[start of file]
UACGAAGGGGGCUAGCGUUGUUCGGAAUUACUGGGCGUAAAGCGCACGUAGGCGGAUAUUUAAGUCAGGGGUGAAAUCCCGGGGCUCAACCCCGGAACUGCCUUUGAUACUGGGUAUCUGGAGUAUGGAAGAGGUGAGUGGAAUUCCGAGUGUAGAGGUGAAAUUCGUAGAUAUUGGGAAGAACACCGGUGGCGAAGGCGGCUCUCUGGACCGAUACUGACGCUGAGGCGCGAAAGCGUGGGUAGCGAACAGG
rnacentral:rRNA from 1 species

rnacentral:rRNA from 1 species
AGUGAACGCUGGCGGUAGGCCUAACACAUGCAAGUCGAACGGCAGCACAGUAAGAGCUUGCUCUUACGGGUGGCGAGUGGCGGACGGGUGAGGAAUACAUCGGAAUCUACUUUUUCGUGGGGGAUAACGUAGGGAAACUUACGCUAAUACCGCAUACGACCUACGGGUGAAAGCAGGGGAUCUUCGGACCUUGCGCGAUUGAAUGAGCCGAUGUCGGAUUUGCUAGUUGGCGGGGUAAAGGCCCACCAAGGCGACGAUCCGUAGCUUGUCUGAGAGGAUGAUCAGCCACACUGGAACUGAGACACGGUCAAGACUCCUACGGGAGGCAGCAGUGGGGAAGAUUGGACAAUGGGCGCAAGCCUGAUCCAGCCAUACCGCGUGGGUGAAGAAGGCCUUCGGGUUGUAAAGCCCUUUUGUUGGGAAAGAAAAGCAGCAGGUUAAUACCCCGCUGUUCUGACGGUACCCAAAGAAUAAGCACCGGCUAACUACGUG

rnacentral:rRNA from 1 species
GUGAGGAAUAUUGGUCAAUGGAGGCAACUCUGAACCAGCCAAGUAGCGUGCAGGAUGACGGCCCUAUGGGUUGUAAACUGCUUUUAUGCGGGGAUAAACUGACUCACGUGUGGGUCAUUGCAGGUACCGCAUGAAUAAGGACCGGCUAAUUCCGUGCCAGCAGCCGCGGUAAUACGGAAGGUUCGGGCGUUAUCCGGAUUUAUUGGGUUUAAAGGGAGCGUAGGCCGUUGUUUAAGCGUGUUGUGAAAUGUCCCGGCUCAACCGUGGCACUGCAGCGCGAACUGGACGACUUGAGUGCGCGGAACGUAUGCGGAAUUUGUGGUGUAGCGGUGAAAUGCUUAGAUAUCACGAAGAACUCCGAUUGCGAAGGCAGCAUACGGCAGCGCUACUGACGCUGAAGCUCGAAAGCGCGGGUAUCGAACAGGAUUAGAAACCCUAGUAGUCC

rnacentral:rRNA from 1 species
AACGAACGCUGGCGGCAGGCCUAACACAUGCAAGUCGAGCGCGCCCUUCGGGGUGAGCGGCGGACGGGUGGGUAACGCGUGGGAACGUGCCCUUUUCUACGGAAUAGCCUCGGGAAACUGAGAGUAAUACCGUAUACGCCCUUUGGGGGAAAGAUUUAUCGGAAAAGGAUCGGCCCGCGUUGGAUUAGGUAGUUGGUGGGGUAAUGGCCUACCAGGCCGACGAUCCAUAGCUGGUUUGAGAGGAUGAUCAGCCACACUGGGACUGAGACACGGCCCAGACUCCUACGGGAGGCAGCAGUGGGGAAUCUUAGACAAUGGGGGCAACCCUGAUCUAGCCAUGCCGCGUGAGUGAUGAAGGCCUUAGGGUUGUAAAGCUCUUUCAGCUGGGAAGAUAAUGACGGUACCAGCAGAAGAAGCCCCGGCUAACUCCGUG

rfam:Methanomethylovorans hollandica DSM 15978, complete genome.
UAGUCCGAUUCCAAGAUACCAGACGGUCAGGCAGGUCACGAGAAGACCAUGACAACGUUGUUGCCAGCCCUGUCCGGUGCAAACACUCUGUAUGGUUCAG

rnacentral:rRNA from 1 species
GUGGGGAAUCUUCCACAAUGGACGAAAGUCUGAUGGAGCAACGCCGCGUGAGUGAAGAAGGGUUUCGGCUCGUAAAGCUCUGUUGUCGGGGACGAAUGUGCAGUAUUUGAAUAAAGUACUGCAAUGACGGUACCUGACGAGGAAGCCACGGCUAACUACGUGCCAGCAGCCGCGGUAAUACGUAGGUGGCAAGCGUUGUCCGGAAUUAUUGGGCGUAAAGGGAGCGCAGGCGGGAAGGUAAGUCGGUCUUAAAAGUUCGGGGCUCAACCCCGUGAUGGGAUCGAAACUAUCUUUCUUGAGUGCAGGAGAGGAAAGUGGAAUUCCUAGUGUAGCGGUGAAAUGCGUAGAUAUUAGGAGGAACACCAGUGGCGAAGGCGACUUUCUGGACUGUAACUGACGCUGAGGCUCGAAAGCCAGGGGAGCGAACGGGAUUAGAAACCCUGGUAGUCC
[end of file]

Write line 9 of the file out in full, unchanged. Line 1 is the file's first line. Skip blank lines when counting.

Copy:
rfam:Methanomethylovorans hollandica DSM 15978, complete genome.